MARTÍNEZ: And that's exactly what they are, because most of the country believes that they might have a little bit of a run but it won't last very long, as they did last year when they went deep into the tournament. So they're very experienced with this feeling against them in this country in terms of them doing more than what they may be capable of doing.

RATH: Let's turn to professional sports now. Now, this, I just think, is weird. The L.A. Dodgers and the Arizona Diamondbacks are going to play baseball's opening series of the season in Sydney, Australia, on a cricket field.


RATH: Why?

MARTÍNEZ: It's Major League Baseball trying to do their best to expand themselves internationally. There's a lot of money out there internationally. Australia has had a history of having a couple of players in the big leagues, but the Dodgers have been doing this for a long time.

Peter O'Malley, the former owner, took them to Japan. The Dodgers was recently in China. They've expanded into Taiwan. And that's what major league teams are trying to do, to take the game of baseball and sell it because of those dollars that are just sitting there for someone to soak up. And most of the leagues in North America are trying to do the same thing. The NFL's a big example with what they've tried to do in Europe.

RATH: Yeah. What about the NFL, which is - they're doing these London games every year now, and there's even talk of an NFL team being based in London, which it's hard to imagine putting up with that travel schedule.

MARTÍNEZ: Hard to imagine. Yeah. But if - of all the teams, of all the sports, the NFL is probably the one that can do it because there's a week between games, and they can adjust the schedule. For the teams that do go to Europe, they adjust the schedule so they get the most amount of rest.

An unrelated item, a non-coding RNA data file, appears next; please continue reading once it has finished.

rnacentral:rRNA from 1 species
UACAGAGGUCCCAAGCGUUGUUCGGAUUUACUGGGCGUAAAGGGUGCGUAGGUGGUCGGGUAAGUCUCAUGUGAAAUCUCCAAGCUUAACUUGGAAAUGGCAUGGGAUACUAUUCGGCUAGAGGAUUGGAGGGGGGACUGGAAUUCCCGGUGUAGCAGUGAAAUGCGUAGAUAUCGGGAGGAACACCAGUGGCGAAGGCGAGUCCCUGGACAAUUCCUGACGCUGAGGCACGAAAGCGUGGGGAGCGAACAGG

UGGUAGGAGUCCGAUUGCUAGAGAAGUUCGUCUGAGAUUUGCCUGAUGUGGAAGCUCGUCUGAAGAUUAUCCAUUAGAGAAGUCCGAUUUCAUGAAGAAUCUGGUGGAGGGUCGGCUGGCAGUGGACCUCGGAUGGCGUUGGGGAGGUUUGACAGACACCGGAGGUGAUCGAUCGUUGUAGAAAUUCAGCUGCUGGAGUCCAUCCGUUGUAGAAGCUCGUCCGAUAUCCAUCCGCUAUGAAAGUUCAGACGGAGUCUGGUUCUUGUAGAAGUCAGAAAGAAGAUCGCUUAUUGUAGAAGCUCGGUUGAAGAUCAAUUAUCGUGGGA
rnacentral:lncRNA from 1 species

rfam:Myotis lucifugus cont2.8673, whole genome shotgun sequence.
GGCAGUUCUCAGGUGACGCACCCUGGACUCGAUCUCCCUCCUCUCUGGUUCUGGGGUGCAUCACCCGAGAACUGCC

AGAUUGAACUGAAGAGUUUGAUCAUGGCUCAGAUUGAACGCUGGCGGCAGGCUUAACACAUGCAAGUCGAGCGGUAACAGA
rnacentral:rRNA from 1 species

It would be a bit of a hassle to travel that far and to make that kind of commitment. But for every single player that complains, I don't see them complaining when those marketing dollars, based on all these efforts, gets put into their paycheck.

RATH: Now, are the players' unions speaking up or speaking out about the overseas games, about it being too much?

MARTÍNEZ: The players don't like it. In every single sport, the players can't stand it, because, number one, they feel that they need to prepare for the regular season, which is a long grind to begin with. But they also understand that they are in conjunction and in a partnership with the league to make as much money as possible.

And these kind of journeys, you know, either to Europe, to Asia, to Australia means more dollars eventually down the road. So while they may complain, they are not going to complain later on when they see it in their paycheck.

RATH: I don't know. I love England, but the idea of a playoff game happening in London feels unwholesome to me.

MARTÍNEZ: Or how about a Super Bowl in London?

RATH: My goodness.

A Martínez is the co-host of "Take Two" on member station KPCC. A, thank you.

MARTÍNEZ: Thanks a lot.

(SOUNDBITE OF MUSIC) Transcript provided by NPR, Copyright NPR.

NPR transcripts are created on a rush deadline by an NPR contractor. This text may not be in its final form and may be updated or revised in the future. Accuracy and availability may vary. The authoritative record of NPR’s programming is the audio record.

More from Hawai‘i Public Radio